Five days before the baby was admitted at 5 months of age, he was seen by his pediatrician, who prescribed a course of ocular antibiotic drops for bilateral conjunctivitis, which, his mother tells you, resolved with treatment.

You obtain more history. The patient lives with his mother, father, and an older sister; there are no pets. Immunizations are up to date. He does not attend day care. Domestic water supply is from a municipal source. He has reached the developmental milestones of only a 4-month-old.

The family history is significant only for systemic lupus erythematosus in his maternal grandmother. All other family members are in good health. The parents report no unusual or potentially hazardous occupational exposures.

The physical exam in your ED today revealed an ill-appearing infant with a rectal temperature of 102.3°F; respiratory rate, 44/min; heart rate, 200/min; and oxygen saturation, 97% breathing room air, with frequent desaturations into the 80% to 89% range. Weight is 5.9 kg (below the fifth percentile). Examination of the head, ears, eyes, nose, and throat (HEENT) was significant for bilaterally bulging, erythematous, and thickened tympanic membranes and purulent effusions, as well as white lacey plaques on the tongue and buccal mucosa without tonsillar hypertrophy.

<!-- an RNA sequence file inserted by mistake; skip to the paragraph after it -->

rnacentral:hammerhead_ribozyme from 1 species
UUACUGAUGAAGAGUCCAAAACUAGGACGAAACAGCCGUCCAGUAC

The neck showed no evidence of lymphadenopathy, thyromegaly, or masses. The cardiovascular exam revealed regular rhythm with tachycardia but no murmurs, rubs, or gallops. Diffuse inspiratory rales and rhonchi, diminished bibasilar breath sounds, and a prolonged expiratory phase were noted on the pulmonary exam. The remainder of the physical exam was unremarkable.

A few moments away to think: What’s the connection?

Later, sitting in your office, you begin to formulate a differential diagnosis that accounts for the failure to thrive, developmental delay, thrush, and refractory pulmonary process. Your focus is still on the lungs, and includes recurrent infections, caused by acquired pathogens or as a consequence of a congenital abnormality. Your explanations include hospital-acquired pneumonia, structural abnormalities such as rings and slings, cystic fibrosis, and reactive airway disease, among others. You’ve decided to extend your differential, however, to include inborn errors of metabolism; endocrine, immune, and autoimmune abnormalities; malignancy; and, although less likely, cardiac diseases and abnormalities. In fact, the differential seems limitless as you build it!